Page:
What You Should Know About 401(k) Rollovers
Question: I plan to retire soon. I have a 401(k) retirement account with my employer, and want to use this account to supplement my Social Security and investment income during retirement. Should I roll the account over to an IRA? What concerns should I have?
Answer: We’ve all seen the rollover ads from brokerage, insurance, and mutual fund firms. Recent ads in the media ranging from the New York Times to Sunset Magazine by Fidelity Investments tell us “Reconnect your old 401(k) to your new plans,” or “More Possibilities – Move your old 401(k) to a Fidelity Rollover IRA.”
In a recent Google search for “401k rollover” the first three links told me: (1) I could roll over my old 401(k) plan to a certain insurance company's IRA; (2) I could get help consolidating my retirement savings with rollover help from a certain mutual fund company; and (3) a certain online brokerage firm would pay me up to $600 to roll over my old 401(k) to an IRA.
With over $5 trillion sitting in 401(k) and other U.S. defined contribution retirement accounts, it’s no wonder financial firms are increasing their focus on your 401(k) in their hunt to gather more assets. However, before you respond to one of these ads, you need to know what they are not telling you.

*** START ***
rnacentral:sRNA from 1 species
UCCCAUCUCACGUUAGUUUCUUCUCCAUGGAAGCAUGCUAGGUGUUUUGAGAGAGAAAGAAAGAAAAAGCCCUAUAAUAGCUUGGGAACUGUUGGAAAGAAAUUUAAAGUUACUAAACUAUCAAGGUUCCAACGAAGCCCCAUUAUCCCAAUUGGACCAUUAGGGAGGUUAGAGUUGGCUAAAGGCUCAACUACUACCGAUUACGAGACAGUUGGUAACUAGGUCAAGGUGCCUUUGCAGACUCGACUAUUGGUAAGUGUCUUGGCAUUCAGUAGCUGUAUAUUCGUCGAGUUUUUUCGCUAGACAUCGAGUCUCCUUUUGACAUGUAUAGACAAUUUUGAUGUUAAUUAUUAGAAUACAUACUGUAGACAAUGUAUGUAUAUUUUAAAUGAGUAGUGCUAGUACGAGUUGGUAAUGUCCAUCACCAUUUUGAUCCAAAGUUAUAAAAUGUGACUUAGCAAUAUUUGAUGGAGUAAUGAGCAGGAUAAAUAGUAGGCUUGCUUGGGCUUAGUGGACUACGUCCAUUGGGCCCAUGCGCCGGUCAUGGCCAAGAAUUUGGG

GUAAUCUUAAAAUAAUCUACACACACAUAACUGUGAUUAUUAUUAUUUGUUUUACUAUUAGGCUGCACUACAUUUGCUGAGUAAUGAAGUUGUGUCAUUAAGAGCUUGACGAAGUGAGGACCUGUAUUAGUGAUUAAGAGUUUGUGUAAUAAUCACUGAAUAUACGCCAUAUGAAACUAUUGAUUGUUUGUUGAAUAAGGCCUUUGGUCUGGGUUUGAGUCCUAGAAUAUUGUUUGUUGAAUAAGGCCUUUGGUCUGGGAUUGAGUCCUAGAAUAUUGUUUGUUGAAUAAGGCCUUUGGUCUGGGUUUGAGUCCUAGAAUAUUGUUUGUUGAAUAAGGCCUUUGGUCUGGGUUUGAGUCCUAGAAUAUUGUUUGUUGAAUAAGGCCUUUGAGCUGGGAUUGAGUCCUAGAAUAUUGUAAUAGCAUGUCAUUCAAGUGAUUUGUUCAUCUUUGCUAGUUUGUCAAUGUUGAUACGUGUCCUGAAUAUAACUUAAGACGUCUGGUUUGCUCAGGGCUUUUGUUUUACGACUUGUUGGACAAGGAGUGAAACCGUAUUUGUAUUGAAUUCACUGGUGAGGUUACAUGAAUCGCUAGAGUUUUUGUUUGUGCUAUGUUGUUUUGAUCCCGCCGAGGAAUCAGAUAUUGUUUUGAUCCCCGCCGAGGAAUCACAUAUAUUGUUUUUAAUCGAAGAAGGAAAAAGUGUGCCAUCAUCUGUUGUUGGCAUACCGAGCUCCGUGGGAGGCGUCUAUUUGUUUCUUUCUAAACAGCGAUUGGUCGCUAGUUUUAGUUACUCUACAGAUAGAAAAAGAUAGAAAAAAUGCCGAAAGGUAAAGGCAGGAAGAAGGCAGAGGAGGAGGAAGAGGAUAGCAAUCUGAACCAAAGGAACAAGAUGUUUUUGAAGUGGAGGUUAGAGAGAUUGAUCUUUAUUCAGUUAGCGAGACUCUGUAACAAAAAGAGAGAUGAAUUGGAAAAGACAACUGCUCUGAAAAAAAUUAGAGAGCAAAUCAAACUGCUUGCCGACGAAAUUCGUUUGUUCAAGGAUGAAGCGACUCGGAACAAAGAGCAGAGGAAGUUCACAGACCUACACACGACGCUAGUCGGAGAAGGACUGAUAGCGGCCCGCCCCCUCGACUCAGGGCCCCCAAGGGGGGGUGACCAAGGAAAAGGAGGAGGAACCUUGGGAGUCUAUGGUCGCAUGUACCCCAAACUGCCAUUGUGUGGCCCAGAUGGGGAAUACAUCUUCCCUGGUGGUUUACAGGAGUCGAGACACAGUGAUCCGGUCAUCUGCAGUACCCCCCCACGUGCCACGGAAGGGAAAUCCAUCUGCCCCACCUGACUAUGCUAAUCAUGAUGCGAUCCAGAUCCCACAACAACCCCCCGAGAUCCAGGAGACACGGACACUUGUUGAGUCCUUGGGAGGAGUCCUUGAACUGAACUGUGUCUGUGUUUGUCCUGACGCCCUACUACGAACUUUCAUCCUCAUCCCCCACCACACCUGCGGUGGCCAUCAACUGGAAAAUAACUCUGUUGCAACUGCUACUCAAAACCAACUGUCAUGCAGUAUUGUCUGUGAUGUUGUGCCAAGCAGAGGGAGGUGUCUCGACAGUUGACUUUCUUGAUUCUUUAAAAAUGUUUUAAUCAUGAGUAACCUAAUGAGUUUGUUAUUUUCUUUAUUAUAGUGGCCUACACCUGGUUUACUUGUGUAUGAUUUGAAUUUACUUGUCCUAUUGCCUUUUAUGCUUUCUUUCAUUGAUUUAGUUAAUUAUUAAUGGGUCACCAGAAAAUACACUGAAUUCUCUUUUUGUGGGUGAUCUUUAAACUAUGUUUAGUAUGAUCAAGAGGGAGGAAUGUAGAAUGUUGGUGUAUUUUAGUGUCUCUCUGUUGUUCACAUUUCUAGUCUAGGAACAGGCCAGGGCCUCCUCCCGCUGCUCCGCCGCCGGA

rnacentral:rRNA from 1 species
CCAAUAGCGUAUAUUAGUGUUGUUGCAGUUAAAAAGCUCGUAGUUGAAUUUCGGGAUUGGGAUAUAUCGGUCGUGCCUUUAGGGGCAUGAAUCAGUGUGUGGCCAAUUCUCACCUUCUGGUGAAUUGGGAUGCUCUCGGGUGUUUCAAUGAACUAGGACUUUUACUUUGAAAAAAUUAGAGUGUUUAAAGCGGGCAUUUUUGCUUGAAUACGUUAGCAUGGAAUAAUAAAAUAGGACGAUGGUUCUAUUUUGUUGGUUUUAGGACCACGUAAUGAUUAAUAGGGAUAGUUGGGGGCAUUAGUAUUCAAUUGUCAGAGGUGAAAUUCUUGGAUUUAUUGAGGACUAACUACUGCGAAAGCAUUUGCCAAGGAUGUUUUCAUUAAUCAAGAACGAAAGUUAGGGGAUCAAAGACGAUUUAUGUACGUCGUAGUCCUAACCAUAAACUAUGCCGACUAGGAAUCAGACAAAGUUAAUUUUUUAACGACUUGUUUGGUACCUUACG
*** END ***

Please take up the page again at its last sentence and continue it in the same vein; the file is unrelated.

This week I will tell you why a rollover might be a really good idea and also what you should know if you have company stock in your 401(k) account. Next week I’ll list the things to watch out for. (Click here to view Part 2: "4 Cautions for 401(k) Rollovers")
Many 401(k) plans have hidden costs that put a drag on performance and offer a limited number of investment options. If you roll over your 401(k) to an IRA at a brokerage firm, you will more than likely have access to a much larger and better selection of investments, including stocks, bonds, ETFs, and mutual funds from many different fund companies. This might benefit you if you are a knowledgeable investor or if you work with an investment advisor. Equally important, you will have much better control over costs.
If you have company stock inside your 401(k) account, you need to be careful and work closely with your advisor. The IRS offers favorable capital gains tax treatment on the gain in value of the company stock that you have accumulated inside your retirement plan. But you will lose this favorable tax treatment if you include the company stock in the rollover to an IRA.
By moving the stock to a separate non-IRA, you can take advantage of “Net Unrealized Appreciation” (NUA), which is the value of the stock on the date of distribution (the day you take it from the 401(k)) minus its value on the date it was purchased in your 401(k). You will pay long-term capital gains tax (currently capped at a 20% federal tax rate) on the NUA when you sell the stock (compared to the higher ordinary income tax rates you would pay if you sold it in your IRA account and then withdrew the proceeds). You will also pay capital gains tax on any appreciation in the price of the stock between the distribution date and the day you sell it.
Kenneth B. Petersen CFP®, EA, MBA, AIFA® is an investment manager and Principal of Monterey Private Wealth, Inc., a Wealth Management Firm in Monterey. He welcomes questions that you may have concerning investing, taxes, retirement, or estate planning. Send your questions to: Ken Petersen, 2340 Garden Road Suite 202, Monterey, CA93940 or email them to email@example.com.